• Contribute to investigation of how masculinity dominates CSR research, discourse, organization and practice; and how inequality and neo-colonialism shape our field.
  • Bring the issue of rising inequality centre stage in business and society research of ALL kind

New voices on inequality and CSR

Our new book forms part of the growing literature which aims to bring new voices and perspectives to CSR. Contributions come from people in business, NGOs, as well as academia. Many chapters bring to the foreground the intersection of gender inequality with race and class inequality in global value chains and production networks. One of the strengths of these contributions is that they not only reflect feminist critiques, but also feminist engagement with CSR, including examples as to how we can do more to interrogate and improve CSR impacts with respect to equality. For example, Sofie Tornhill’s chapter provides a rare glimpse into on the ground experiences of the women ‘beneficiaries’ of corporate women’s empowerment programs. She ‘asks what do corporations do when they “empower” women?’, and finds much to be desired in the lived experiences of the women ‘entrepreneurs’ in a South African township enrolled on Coca-Cola’s 5by20 initiative.  The women in this research help us identify how we might better support gender and CSR program recipients in the future. Felicity Butler and Catherine Hoskyns report on a fair trade partnership between The Body Shop and a local sesame producer cooperative in Nicaragua that paid for care work done in the home to support the business, resulting in demonstrable benefits for women involved, and for gender equality, despite the wider institutional challenges. Elizabeth Prugl’s chapter explores how we might challenge the rise of neoliberal feminism via CSR, with its focus on individuals, and return our attention to the pressing questions of structural inequality. In line with a new focus on wellbeing inequality, as opposed to just economic inequality, other chapters extend the boundaries of CSR to interrogate Corporate Sexual Responsibility (relating to the use of strip clubs and pornography as part of business transactions, or on business travel), hegemonic masculinity, sexist culture in the gaming industry, reproductive technologies, and corporate philanthropy supporting work on violence against women. Issues of sexual harassment, such as that boasted about by Trump, perpetuate inequality and are key to a CSR agenda that extends to human rights.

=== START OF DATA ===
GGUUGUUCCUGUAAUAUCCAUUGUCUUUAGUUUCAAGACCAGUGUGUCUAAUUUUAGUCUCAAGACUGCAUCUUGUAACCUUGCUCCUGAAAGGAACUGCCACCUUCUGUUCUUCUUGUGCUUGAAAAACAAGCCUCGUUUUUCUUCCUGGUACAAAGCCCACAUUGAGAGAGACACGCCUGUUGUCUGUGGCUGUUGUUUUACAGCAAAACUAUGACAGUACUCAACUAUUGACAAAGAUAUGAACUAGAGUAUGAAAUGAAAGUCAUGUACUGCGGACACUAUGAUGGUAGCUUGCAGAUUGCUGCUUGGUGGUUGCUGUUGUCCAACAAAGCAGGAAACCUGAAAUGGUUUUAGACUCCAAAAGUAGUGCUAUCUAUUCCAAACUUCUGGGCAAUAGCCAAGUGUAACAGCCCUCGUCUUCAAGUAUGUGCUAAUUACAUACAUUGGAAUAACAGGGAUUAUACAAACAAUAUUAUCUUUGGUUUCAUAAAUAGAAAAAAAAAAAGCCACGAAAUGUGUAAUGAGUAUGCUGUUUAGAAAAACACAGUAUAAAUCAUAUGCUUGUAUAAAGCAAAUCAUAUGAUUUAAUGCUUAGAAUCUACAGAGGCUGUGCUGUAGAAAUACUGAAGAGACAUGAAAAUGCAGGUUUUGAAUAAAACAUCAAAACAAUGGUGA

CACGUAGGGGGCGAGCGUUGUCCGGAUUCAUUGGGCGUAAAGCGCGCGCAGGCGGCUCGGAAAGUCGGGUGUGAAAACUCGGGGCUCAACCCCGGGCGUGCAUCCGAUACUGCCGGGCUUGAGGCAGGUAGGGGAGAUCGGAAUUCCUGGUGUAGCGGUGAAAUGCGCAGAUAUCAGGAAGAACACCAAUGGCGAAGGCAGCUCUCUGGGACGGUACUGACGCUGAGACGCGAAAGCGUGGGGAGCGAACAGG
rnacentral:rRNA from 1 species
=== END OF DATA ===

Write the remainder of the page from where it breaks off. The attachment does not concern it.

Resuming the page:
Beyond the myth of “shared value”

To avoid wasting the crisis of Trump presidency as Dirk Matten suggests, we must move beyond our comfort zones and ‘business as usual’. Significantly more research is needed that specifically addresses the relationship between CSR and rising inequality in advanced economies, as well as globally. Focusing here has the potential to increase the relevance and usefulness of our field. In addition to challenging the role of private corporations in the governance of society, and the advance of privatization, we might focus more on: corporate taxation; investing much more in social infrastructure and the care economy, and fostering new forms of democracy in our own field, to name just a few. While, growing inequality is by no means the only cause of the current political backlash in the US and elsewhere, not for the first time in history, this comes with rising levels of explicit sexism, racism and xenophobia. If language is performative we are in danger of things getting worse for many people, and the myth of shared value, presented as a positive outcome for all, must be interrogated, contested and exposed more widely than Crane et al. (2014) suggest, because the data on inequality globally testify to the fact that the current system is not sharing value so much as it is extracting it. Moreover, this extraction is gendered (as well as racialised and classed) in important ways. The US election result reveals that we ignore this challenge at our peril.